This roundtable brings together two experts in the field of women’s work to discuss how ideas of work and gender have changed across the centuries. Alongside considering what women’s work is, it will explore how women’s work has been defined and valued in the past and within historical scholarship.
 
15 July, Maud Bracke (Glasgow)
Inventing Reproductive Rights: Sex, Population and Feminism in Europe (1945-1980)

 
Maud Bracke's lecture presents an interpretation of the emergence following World War Two of the notion of ‘reproductive rights’. Drawing on critical understandings of reproductive biopower, it focuses on the ways in which the introduction and legalisation of the contraceptive pill across Western Europe in the long 1960s produced new, gendered discourses on family planning, responsibility in reproduction, sexual morality, and bodily autonomy. The analysis focuses on tensions between different groups advocating access to the pill: the family planning movement, rooted in population control and neo-Malthusianism, and the ‘new’ women’s liberation movement, which re-centred debates on reproduction on the principles of bodily autonomy and individual rights. Case studies focus on Italy (specifically, the illegal distribution of the pill among women of the Roman slums in the 1950s-60s) and France (the distinct family planning approaches vis-à-vis immigrant women in the 1960s-70s).
 
More information is available on the GHIL website.
 

Kolloquium

The research seminar in German language offers an opportunity for the GHIL’s scholarship-holders to present and discuss their research projects. It can also serve as a general forum for British and German PhD-students and post-docs to discuss their work in progress.
 
All events are online events for the time being and unless otherwise indicated. If you wish to attend any of these events, please contact Hannes Ziegler (h.ziegler(ghi)ghil.ac.uk).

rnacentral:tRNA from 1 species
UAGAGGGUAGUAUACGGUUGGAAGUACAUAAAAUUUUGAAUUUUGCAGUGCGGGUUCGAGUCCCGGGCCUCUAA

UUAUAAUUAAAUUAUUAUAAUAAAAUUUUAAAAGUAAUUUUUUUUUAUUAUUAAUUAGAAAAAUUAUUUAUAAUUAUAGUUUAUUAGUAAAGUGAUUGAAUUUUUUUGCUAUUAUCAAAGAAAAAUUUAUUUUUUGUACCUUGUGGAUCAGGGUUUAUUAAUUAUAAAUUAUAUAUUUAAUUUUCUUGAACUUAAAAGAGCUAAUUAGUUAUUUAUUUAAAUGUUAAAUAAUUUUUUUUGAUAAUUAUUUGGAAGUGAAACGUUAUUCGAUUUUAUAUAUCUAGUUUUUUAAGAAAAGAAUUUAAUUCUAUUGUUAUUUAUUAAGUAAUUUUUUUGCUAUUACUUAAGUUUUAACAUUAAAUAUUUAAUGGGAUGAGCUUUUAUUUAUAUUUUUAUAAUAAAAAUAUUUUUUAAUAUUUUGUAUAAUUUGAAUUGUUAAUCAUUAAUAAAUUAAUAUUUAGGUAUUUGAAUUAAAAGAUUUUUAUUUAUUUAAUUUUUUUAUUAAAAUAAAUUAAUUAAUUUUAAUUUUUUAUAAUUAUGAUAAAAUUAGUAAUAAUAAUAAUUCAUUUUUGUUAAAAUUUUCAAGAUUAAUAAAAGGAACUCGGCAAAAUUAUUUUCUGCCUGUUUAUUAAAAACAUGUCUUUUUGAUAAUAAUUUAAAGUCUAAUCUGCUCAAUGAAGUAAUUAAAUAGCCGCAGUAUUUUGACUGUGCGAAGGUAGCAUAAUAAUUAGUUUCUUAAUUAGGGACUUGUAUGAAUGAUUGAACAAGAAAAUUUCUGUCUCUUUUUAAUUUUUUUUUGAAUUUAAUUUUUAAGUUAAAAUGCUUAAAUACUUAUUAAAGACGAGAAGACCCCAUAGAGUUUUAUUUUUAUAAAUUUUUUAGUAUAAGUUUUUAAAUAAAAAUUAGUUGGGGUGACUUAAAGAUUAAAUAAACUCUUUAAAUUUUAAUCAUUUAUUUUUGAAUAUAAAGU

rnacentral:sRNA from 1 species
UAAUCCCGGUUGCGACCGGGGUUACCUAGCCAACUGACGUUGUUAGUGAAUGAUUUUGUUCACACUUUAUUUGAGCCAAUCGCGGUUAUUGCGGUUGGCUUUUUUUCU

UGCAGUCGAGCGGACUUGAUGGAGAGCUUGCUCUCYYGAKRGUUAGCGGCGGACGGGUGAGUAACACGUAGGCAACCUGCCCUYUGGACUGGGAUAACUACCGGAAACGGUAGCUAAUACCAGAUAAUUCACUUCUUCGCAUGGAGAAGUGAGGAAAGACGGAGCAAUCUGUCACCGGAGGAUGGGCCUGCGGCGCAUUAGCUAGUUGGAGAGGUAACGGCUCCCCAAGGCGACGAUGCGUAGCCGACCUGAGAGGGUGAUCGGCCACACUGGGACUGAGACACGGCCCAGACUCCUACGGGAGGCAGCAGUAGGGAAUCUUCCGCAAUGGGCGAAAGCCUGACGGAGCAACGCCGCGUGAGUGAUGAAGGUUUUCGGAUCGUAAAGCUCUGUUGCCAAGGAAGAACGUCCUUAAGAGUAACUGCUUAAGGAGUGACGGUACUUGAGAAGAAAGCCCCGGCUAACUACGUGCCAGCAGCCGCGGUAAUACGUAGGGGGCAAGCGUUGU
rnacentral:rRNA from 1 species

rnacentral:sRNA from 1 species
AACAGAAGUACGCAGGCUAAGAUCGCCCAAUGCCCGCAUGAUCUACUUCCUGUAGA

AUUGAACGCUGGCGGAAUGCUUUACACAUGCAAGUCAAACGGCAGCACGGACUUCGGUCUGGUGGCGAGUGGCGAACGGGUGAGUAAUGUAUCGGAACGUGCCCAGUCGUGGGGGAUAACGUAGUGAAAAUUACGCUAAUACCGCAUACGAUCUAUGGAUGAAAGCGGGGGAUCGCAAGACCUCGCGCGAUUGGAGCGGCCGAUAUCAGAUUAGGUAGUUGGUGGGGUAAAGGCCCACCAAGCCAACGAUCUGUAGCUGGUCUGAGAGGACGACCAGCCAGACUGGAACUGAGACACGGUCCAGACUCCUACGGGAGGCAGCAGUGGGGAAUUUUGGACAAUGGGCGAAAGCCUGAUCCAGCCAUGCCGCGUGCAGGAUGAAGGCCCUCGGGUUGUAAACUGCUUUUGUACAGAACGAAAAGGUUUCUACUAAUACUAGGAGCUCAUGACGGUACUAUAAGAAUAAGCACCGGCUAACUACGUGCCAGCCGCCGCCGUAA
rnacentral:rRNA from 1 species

30 June (3.30pm)
Olga Witmer (Cambridge)
Germans at the Dutch Cape of Good Hope, 1652-1806
 
7 July (3.30pm)
Florian Zabranski (Brighton)

Between Love and Sexualised Violence. Male Jewish Intimacy and the Holocaust
 
21 July (3.30pm)
Paul Labelle (Hamburg)

Opportunity and Occasion. New Music for the Aldeburgh Festival
 
28 July (3.30pm)
Svenja von Jan (Göttingen)

Non-elite South Asian migration to Hamburg and beyond. A biographical and microhistorical approach to migration history in the interwar period
 
1 September (3.30pm)
Katharina Breidenbach (Jena)

Kommissare, Gesandte, Diplomaten, Geistliche, Agenten. Netzwerke, Handlungsspielräume und Machtkonstellationen von Mittelspersonen innerhalb protestantischer Emigrationsbewegungen des 17. und 18. Jahrhunderts
 
8 September (3.30pm)
Jenny Hestermann (Frankfurt)

Europa als Krise und Chance. Zum Spannungsverhältnis von nationalen Dekadenz-Diskursen und Europa-Bildern im 20. Jahrhundert
 

Call for Papers

Hidden Economies of Slavery
German Historical Institute London, 10-11 December 2020
Closing date: 30 June 2020
 
More information is available on the GHIL website.
 

Staff News

The GHIL welcomes its new colleagues Sina Steglich (Modern History) and Marcus Meer (Medieval History).
 

Academic Advisory Board

We are delighted to announce that Professor Patrick Sahle (University of Wuppertal) has been appointed member of the academic advisory board by the council of the Max Weber Foundation. Patrick Sahle specializes in the field of digital humanities and takes over from Ute Daniel, who had been member of the board from 2013.
 
A list of the members of the Academic Advisory Board is available on the GHIL website.
 

Prize of the German Historical Institute London

The Prize of the German Historical Institute London is awarded annually for an outstanding Ph.D. thesis on German history (submitted to a British or Irish university), British history or British colonial history (submitted to a German university), Anglo-German relations or Anglo-German comparative history (submitted to a British, Irish, or German university).